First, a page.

The People vs. Roads

Assad Ahmad asks why we are spending on infrastructure rather than humans

The People vs. Roads
Pakistan’s road system is better than Brazil’s. It is also better than Russia’s. Brazilians, economic heavyweights, and Russians, recently citizens of a superpower, would likely be surprised to hear this. And Pakistanis, used to being at the bottom of most lists, might find it unusual that the World Economic Forum’s (WEF) Executive Opinion Survey ranks Pakistan’s road system quality smack in the middle (76th out of 137 countries) of the list.

The WEF’s Logistics Performance Index, built with input from thousands of freight companies around the world, shows similar results—rating the quality of Pakistan’s trade and transport infrastructure higher than the average result for upper middle-income countries (like, far richer, Argentina, Iran, and Mexico). So, when it comes to roads, we are clearly punching well above our weight.

Viewed in isolation, this is a good thing. Roads are a form of physical capital, and the accumulating capital is crucial for economic growth. But of course, in an economy, nothing can be viewed in isolation. Before we continue to bury money in asphalt, it is important to remember that a rupee invested in roads is a rupee that can be invested elsewhere instead. Juxtaposing our nice motorways against our terrible human capital position can help illustrate which area is now more desperately in need of investment.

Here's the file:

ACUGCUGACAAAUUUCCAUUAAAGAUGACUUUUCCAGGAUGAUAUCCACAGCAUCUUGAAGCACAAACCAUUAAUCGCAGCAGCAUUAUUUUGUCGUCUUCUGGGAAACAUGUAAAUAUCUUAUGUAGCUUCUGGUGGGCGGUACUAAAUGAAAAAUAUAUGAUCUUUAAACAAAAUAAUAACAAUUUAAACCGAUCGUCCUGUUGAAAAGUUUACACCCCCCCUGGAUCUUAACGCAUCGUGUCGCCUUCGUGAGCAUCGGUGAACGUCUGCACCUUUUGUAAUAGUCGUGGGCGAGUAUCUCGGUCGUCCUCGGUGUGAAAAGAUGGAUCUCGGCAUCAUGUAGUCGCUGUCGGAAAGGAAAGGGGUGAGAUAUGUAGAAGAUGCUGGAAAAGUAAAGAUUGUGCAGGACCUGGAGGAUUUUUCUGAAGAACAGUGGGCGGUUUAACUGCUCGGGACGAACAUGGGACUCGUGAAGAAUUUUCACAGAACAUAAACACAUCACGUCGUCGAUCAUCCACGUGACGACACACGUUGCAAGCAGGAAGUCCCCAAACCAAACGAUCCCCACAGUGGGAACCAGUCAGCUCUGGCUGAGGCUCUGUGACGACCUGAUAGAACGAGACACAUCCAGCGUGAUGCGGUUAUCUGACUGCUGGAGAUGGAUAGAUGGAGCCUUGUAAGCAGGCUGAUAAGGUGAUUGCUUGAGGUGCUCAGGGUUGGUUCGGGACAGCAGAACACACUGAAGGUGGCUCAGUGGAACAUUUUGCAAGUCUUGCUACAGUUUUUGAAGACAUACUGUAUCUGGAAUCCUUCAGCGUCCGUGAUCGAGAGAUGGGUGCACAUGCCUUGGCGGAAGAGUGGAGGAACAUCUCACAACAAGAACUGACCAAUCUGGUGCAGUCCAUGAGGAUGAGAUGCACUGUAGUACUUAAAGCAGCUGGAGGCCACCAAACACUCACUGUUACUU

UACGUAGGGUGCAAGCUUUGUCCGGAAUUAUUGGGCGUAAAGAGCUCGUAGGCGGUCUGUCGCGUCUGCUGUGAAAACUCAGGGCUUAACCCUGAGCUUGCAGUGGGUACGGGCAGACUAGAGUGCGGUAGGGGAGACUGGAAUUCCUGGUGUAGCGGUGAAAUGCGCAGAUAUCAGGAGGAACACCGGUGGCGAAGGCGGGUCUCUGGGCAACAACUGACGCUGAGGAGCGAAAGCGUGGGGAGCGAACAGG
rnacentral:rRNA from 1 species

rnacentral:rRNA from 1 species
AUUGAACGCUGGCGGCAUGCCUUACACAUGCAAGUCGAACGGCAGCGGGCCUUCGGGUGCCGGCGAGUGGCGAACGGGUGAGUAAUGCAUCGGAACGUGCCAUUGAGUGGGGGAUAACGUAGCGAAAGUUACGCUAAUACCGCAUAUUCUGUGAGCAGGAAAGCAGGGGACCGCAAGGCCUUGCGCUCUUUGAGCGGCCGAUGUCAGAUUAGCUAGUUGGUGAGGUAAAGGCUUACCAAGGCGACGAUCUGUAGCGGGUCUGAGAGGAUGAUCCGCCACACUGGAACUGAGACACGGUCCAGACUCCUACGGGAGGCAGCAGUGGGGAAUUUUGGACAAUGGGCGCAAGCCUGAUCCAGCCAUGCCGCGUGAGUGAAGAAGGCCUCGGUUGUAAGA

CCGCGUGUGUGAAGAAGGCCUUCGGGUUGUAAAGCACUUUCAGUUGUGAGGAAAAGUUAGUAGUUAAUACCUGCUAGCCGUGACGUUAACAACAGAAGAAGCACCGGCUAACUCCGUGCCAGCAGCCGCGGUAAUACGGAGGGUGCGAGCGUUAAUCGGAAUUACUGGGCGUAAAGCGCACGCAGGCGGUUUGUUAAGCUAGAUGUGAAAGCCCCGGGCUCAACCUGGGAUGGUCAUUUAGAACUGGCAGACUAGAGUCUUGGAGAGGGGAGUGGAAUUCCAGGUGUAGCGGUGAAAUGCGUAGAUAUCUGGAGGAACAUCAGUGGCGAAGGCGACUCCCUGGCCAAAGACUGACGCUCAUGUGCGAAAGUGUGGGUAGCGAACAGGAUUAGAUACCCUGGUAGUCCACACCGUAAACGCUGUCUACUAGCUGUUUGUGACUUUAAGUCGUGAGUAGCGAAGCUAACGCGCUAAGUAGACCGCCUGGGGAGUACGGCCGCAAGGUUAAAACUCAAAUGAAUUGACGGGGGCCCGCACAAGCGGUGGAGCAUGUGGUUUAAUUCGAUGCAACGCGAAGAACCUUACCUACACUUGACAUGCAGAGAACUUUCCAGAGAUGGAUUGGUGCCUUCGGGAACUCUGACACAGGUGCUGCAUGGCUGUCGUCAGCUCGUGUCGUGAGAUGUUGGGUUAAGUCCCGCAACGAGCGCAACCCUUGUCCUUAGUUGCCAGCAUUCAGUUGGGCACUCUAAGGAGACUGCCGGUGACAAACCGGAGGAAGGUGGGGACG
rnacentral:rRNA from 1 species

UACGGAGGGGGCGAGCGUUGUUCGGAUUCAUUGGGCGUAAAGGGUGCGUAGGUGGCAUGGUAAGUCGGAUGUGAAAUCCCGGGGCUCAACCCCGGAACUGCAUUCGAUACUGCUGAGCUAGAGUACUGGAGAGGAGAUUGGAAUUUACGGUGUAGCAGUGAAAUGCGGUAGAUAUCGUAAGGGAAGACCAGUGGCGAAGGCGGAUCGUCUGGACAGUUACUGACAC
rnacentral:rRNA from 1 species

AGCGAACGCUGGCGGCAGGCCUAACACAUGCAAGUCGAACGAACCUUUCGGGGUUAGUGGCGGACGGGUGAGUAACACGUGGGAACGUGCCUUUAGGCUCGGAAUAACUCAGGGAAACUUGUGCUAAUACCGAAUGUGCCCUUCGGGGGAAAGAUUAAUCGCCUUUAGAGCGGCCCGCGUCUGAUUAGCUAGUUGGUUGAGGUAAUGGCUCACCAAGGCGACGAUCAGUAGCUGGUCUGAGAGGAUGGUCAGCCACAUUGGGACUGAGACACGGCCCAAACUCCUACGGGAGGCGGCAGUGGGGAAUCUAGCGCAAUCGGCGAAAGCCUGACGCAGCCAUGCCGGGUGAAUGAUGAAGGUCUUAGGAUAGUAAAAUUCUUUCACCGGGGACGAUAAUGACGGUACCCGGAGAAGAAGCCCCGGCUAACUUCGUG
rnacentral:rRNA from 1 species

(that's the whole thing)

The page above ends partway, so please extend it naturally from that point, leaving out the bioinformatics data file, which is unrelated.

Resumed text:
Before we continue to bury money in asphalt, it is important to remember that a rupee invested in roads is a rupee that can be invested elsewhere instead

In sharp contrast to our transport infrastructure, the state of our human capital—the combined knowledge, skills, health, and personality attributes of our workforce—is disastrously poor.

Helpfully, the WEF has also developed an index to help quantify this. In its most recent Global Human Capital Index rankings, Pakistan is six places from the bottom. Only Mali, Ethiopia, Senegal, Mauritania, and Yemen fare worse. The index score incorporates indicators from literacy and numeracy, to education and vocational enrolment rates, and the availability of skilled employees.